Written evidence submitted by the Evangelical Alliance UK


Education Select Committee Inquiry on Home Education

Response by the Evangelical Alliance UK



  1. The Evangelical Alliance UK is the largest and oldest body representing the UK’s two million evangelical Christians. Established in 1846, today we work across a diverse constituency of over 18,000 individual members, as well as 3,000 churches and 500 organisations. The Evangelical Alliance is the founding member of the World Evangelical Alliance, which unites evangelical alliances based in different countries around the world, representing anywhere from 300 million to a billion evangelical Christians. This global reach reflects the influence of evangelical faith, which can also be seen in the huge social and ethnic diversity in British evangelical churches. The Evangelical Alliance has responded to previous Department for Education calls for evidence on elective home education (in April 2018), and on children not in school (in April 2019). These responses focused particularly on the question of registration and inspection of electively home-educated children or the settings which they may attend, and the response below likewise deals with these questions.
  2. The Evangelical Alliance believes that parents are the primary educators of their children, whether the children are educated at school or otherwise. This is affirmed in section 7 of the Education Act 1996, which places a statutory duty on “the parent of every child of compulsory school age to cause them to receive efficient full-time education that is suitable” to that child’s age, ability, aptitude and to any special educational needs, whether by attendance at a school or otherwise. We believe that any new measures on elective home education must be consistent with this fundamental principle. We also believe that on home education the Government must have particular regard to Article 2 of the First Protocol of the European Convention on Human Rights. This provides that the state must respect the right of parents to religious and philosophical convictions in respect of education and teaching. This is reinforced in section 9 of the Education Act 1996 itself, which gives the general principle that pupils are to be educated in accordance with the wishes of their parents.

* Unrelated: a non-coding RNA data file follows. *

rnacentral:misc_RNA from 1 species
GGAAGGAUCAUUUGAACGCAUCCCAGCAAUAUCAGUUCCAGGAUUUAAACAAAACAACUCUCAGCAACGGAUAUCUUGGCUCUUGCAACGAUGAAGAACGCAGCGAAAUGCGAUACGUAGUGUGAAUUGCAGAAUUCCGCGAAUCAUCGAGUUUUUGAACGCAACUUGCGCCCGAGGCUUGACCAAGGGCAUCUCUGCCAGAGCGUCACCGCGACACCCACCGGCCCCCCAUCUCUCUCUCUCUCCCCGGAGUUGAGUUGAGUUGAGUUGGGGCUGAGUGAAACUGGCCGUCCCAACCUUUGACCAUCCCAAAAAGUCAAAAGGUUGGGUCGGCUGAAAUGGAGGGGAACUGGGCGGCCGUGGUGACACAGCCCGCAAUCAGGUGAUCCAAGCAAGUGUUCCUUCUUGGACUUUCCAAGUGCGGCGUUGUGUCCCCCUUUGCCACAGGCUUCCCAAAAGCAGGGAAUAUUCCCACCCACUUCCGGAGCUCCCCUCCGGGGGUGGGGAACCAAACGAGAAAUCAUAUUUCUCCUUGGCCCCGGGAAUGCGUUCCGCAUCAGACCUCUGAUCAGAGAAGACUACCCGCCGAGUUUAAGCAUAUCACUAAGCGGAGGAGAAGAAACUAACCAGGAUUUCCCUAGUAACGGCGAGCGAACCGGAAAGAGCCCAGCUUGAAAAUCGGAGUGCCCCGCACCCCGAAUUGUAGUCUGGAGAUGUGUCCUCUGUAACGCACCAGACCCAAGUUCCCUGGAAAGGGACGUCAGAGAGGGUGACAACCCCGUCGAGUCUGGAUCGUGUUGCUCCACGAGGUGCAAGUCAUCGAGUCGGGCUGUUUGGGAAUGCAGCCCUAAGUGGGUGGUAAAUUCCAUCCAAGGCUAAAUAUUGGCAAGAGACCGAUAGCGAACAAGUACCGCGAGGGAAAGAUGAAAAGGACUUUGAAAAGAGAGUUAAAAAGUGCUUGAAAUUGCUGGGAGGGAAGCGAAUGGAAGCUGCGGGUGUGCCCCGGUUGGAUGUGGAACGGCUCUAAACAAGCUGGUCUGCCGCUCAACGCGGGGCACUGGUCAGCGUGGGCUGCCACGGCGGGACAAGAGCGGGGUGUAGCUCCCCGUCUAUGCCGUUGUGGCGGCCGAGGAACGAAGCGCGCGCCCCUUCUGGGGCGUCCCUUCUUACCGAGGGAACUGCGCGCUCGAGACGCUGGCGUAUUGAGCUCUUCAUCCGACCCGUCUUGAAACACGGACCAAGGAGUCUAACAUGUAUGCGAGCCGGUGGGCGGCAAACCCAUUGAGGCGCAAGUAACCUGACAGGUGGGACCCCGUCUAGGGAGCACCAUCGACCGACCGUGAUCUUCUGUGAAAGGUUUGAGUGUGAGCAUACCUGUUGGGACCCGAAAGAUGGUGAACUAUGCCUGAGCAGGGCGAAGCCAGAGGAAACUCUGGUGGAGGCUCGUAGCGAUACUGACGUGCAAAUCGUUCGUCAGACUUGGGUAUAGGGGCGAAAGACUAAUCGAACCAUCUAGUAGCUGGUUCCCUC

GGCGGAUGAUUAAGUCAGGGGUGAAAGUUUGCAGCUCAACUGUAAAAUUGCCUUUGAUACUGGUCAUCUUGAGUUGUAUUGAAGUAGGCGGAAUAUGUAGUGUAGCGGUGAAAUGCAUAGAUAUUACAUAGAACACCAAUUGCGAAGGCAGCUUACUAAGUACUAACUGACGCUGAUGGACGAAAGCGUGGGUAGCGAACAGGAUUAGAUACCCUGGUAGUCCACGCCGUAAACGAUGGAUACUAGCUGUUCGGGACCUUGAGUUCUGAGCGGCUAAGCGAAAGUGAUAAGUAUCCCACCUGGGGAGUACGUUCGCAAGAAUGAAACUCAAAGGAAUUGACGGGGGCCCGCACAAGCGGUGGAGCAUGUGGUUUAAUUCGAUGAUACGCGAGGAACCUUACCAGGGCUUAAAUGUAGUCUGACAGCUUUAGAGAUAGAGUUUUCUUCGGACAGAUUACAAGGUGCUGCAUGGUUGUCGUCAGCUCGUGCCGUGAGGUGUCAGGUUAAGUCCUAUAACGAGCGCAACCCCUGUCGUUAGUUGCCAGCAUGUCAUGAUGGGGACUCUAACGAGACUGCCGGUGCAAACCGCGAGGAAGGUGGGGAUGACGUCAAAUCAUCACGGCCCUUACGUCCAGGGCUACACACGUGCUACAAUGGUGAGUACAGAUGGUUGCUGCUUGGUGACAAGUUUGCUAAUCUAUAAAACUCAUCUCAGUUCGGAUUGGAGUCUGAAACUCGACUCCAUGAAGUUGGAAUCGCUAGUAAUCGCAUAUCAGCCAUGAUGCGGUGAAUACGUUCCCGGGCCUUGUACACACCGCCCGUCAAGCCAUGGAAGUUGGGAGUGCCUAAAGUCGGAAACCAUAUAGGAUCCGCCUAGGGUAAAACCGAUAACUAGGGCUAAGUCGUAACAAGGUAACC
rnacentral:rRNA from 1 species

Whether a statutory register of home-educated children is required

  1. The Department for Education consultation on Children not in School proposed a duty on each local authority to maintain a register of home-educated children. While not opposed in principle to such a register, we noted that voluntary registration schemes were already being tested, and so argued that it was premature to introduce a mandatory scheme. Instead, the evidence of the voluntary registration schemes should be assessed in a comprehensive fashion for effectiveness in addressing relevant needs. If such a register were to exist, we argued that only basic information would be needed (e.g. child’s name, address, and date of birth, with a declaration that they were being electively home-educated) and that this should be detailed in primary legislation.